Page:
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Guidance Updated 23 September 2020 – Updates highlighted in blue
This framework forms a part of our ‘Play Safe, Stay Safe’ support and
guidance for golfers, clubs and counties. All frameworks can be accessed through
our website – www.englandgolf.org
Any guidance may be re-issued as government measures to combat COVID-19
are updated in the future.
A FRAMEWORK FOR PLAYING GOLF
England Golf has been working closely with partners from across the sport,
including The R&A, Home Nations, PGA and other industry associations to draw
together a framework under which golf be safely enjoyed.
There are many different types of golf clubs and golf facilities, requiring safe
procedures to be finalised and implemented locally. However, the fundamentals
are the same throughout the sport, which has a good record of compliance with
rules and procedures.
These procedures include all aspects of the golfing experience. The over-riding
consideration throughout must be to ‘Play Safe, Stay Safe’.
While each club/facility will need to adapt its procedures to ensure compliance
with government restrictions, the following aspects of the golfer experience,
divided into the five following categories, will need to be considered

  1. Course Set-up
  2. Before the Round
  3. During the Round
  4. After the Round
  5. Competitions and Rules of Golf
    Clubs/facilities should adhere to the guidelines provided. These have been
    published to assist clubs/facilities in providing as safe an environment as they
    can. Failure to follow this guidance may leave clubs/facilities open to
    enforcement action from local authorities and/or Police, or subject to
    disciplinary procedures from England Golf.
    Additional restrictions are in place in some parts of the country, which may
    supersede those in this document and should be followed. Click here for
    details of local restrictions.
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  6. Course Set-up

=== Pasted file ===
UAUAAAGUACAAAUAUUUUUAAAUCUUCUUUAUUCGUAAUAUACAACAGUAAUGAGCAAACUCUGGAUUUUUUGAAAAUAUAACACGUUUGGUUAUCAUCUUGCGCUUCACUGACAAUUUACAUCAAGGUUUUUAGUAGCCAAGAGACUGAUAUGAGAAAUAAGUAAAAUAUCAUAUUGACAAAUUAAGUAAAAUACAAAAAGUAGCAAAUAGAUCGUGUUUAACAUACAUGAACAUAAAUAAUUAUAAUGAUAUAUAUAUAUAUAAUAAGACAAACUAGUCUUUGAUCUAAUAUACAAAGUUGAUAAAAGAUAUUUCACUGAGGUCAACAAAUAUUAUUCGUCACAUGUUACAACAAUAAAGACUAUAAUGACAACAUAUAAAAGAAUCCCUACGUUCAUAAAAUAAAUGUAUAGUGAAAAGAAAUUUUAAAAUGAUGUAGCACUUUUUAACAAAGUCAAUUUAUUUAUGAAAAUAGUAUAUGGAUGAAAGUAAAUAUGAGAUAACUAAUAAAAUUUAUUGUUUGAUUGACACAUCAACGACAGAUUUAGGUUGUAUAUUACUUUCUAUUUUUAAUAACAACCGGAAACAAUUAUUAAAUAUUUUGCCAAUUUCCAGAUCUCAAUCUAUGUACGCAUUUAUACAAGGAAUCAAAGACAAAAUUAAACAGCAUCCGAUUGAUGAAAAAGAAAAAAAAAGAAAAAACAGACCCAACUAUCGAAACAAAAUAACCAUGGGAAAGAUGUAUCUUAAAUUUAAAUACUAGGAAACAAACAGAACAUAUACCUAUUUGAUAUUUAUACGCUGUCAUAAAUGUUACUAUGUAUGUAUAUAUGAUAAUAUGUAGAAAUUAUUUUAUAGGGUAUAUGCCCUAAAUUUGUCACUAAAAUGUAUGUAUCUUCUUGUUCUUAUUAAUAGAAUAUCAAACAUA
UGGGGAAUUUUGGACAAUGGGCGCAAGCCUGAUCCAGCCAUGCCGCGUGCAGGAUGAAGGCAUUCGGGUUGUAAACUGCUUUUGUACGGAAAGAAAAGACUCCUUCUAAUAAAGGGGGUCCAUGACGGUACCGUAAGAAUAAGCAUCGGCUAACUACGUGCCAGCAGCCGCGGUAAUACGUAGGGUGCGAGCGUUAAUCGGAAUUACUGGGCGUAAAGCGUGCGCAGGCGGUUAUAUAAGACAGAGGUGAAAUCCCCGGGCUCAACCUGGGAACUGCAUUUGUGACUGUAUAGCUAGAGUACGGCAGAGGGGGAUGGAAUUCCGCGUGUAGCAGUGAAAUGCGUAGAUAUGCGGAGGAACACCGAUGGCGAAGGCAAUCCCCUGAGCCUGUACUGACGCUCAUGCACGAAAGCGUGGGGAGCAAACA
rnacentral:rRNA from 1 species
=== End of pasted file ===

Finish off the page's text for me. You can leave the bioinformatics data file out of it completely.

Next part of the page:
On-Course Items
    • All rakes and ball-retrievers to be removed. Players may bring their own
    personal rakes and retrievers, which should only be handled by that
    player and taken away at the end of their round
    • Ball washers and drinking fountains to be covered up
    • Open-top bins may be used on course, provided that measures are taken
    to sanitise the bin and to ensure players do not touch the bin or its
    contents
    • All other removable items to be removed, except that stakes defining
    areas of the course can be treated as immovable obstructions
    Hole and Flagstick
    • Flagsticks can be retained but it is strongly recommended that a sign is
    put on the flagstick stating that it is not to be touched
    • A method of inserting the hole liner to be used that means all of the ball
    does not fall below the surface of the putting green and can be easily
    retrieved by handling the ball only
    Practice Areas and Lessons
    • Practice areas, including driving ranges and practice nets, may be
    opened if safe sanitising practices can be guaranteed
    • Indoor practice areas and swing studios may also be opened if
    appropriate risk management and sanitising practices can be guaranteed
    • Lessons, including group lessons, may take place providing government